On a Windows Server Failover Cluster for each Network Name resource there is a logical name which has a corresponding computer object (CO) created.  The computer object associated with the Cluster Name this is commonly referred to as the Cluster Name Object (CNO) and for all other Network Name resources these are commonly referred to as Virtual Computer Objects (VCO).  The cluster service creates and manages these CNO and VCO computer objects.

Because CNO and VCO’s are managed by the cluster, they can at times have slightly different behavior than normal computer objects.  Understanding these differences can be important when trying to identify when computer objects are stale and no longer being used, so that it is safe to delete them.

If you are running a Windows Server 2008 R2 functional level Active Directory forest, I recommend turning on the Active Directory Recycle Bin feature (which is disabled by default).  Here is the step-by-step guide.  Active Directory Recycle Bin helps minimize directory service downtime by enhancing your ability to preserve and restore accidentally deleted Active Directory objects without restoring Active Directory data from backups, restarting Active Directory Domain Services (AD DS), or rebooting domain controllers.  This is critical for being able to quickly and seamlessly recover from accidental computer object deletion.

There are a couple different attributes commonly used by domain administrators as hints to identify computer objects that are no longer in use and are safe to be deleted:

  • pwdLastSet – This is the last time the password was changed.
    • Windows Server 2003 – The computer object password is not periodically rotated on Windows Server 2003 and below clusters.  This attribute should not be used to identify stale objects for deletion on Windows 2000 Server or Windows Server 2003 clusters which have the Enable Kerberos Authentication option turned on.  Note that computer objects were not created by default for cluster Network Name resources in these legacy releases.
    • Windows Server 2008 – A feature was added in Windows Server 2008 that failover clustering will rotate the CNO and VCO passwords exactly the same as a normal machine computer object.  The default domain policy for MaximumPasswordAge will be honored, which is every 30 days by default.  Failover Clustering will also honor if DisablePasswordChange is set, to disable password rotation.  Password rotation for CNO and VCO's is initiated when the age reaches 75% of expiration to ensure passwords are rotated within the policy, so with the default settings cluster will rotate the password on the 23rd day.
  • LastLogonTimeStamp – This is the last time a logon occurred.  This is a new attribute introduced with a Windows Server 2003 functional level domain.
    • When the cluster Network Name resource comes online, it will logon and the LastLogonTimeStamp attributed will be updated.  The credentials are cached by clustering and used for the lifespan of the system.  If a failure or failover occurs, during the next Network Name resource online a logon will re-occur.  When the password for a CNO or VCO is changed per the MaximumPasswordAge policy described above, the credentials are updated and a logon occurs.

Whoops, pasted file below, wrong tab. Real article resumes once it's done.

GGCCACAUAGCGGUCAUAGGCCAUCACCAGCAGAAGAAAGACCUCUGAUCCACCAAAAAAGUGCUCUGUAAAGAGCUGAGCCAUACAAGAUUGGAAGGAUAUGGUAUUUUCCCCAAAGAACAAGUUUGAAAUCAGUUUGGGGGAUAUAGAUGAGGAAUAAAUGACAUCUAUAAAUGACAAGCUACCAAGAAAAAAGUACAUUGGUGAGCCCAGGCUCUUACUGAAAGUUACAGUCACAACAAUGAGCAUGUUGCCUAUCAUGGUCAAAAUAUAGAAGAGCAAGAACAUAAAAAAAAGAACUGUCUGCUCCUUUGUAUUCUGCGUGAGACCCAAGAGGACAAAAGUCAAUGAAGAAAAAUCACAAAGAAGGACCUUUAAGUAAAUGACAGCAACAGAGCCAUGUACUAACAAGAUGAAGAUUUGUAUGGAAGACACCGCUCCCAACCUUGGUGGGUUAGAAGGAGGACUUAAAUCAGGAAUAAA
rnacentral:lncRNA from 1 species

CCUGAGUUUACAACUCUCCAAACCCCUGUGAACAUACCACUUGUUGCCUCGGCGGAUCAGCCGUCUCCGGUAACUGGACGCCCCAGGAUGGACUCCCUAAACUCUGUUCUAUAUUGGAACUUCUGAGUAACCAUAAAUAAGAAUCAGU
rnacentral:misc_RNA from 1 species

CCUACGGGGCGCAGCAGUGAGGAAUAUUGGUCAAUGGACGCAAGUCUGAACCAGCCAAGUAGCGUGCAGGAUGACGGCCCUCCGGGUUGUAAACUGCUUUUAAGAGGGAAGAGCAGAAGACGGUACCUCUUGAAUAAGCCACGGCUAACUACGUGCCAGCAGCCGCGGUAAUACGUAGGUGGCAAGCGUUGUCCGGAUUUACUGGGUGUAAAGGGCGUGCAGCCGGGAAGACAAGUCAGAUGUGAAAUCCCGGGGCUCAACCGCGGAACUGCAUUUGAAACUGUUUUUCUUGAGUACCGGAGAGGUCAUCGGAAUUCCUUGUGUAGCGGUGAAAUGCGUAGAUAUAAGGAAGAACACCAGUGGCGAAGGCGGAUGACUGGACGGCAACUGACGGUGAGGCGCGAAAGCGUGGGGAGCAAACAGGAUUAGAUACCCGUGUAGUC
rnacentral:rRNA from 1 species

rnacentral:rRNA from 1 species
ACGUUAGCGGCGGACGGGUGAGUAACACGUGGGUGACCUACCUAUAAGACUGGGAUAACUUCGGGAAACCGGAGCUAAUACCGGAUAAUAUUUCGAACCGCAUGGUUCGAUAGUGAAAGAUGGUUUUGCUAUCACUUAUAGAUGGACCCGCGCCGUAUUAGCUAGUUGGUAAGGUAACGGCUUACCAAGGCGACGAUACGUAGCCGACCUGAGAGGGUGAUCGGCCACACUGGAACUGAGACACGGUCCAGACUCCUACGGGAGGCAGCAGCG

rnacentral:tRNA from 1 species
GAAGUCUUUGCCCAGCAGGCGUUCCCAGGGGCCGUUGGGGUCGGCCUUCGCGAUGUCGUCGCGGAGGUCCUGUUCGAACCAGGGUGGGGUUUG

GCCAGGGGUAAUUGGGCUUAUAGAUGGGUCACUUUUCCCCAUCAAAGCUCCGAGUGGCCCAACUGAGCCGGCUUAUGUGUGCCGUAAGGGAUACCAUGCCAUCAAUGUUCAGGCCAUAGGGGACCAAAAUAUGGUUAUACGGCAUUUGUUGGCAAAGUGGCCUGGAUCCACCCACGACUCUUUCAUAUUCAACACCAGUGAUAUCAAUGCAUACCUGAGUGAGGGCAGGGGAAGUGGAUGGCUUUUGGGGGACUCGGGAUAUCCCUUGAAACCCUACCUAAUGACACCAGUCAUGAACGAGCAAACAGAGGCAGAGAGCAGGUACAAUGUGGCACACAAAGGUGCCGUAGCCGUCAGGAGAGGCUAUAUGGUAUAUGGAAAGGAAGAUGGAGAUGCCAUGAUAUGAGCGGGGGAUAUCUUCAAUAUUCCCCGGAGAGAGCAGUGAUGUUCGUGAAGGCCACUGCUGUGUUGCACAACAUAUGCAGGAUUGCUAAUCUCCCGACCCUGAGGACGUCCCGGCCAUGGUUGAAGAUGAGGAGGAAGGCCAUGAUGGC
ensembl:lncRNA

• Using the LastLogonTimeStamp attribute can be an inaccurate hint to identify if a cluster computer object is stale.  This is because if a production cluster is up and stable no logon’s will occur and the LastLogonTimeStamp attribute will not be updated until 75% expiration of MaximumPasswordAge.  Using LastLogonTimeStamp as a hint can result in accidental CNO and VCO deletion.  It is recommended that LastLogonTimeStamp be greater than 30 days (at an absolute minimum) to determine if an object is stale.

Given that CNO and VCO computer objects are associated with mission critical high availability systems, your domain administrators may simply choose to avoid automated / scripted deletion of cluster computer objects.  This can be accomplished by querying and excluding computer objects that contain a service principal name (SPN) of “MSClusterVirtualServer” from deletion.  Another technique is to move all CNO and VCO's to a custom organizational unit (OU) and exclude that OU from running CO deletion scripts.

As an extra safety mechanism you can protect CNO and VCO's from accidental deletion by simply checking the "Protect object from accidental deletion" box on the objects in the Active Directory Users and Computers snap-in.  See this blog for more details

Another hint which can be used to identify stale cluster computer objects is if the computer object is in a Disabled state.  By default, when a cluster Network Name resource is deleted or if a cluster is destroyed, the CNO and VCO’s are placed in a disabled state.  Any cluster computer object which is in a Disabled state are no longer being used by the cluster.

When destroying a cluster, you may wish to delete the computer objects instead of leaving them in a disabled state.  This can be accomplished by passing the –CleanupAD switch to the Remove-Cluster PowerShell cmdlet when destroying the cluster.

If you are reading this after you have already run a script that accidently deleted a CNO or VCO computer object, here is a blog which has a step-by-step guide on how to recover the computer objects:

If you do not have the AD Recycle Bin feature, follow this blog:
http://blogs.technet.com/b/askcore/archive/2009/04/27/recovering-a-deleted-cluster-name-object-cno-in-a-windows-server-2008-failover-cluster.aspx

If you do have the AD Recycle Bin feature, follow this blog:
http://blogs.technet.com/b/askcore/archive/2011/05/18/recovering-a-deleted-cluster-name-object-cno-in-a-windows-server-2008-failover-cluster-part-2.aspx

Thanks!
Elden Christensen
Principal Program Manager Lead
Clustering & High-Availability
Microsoft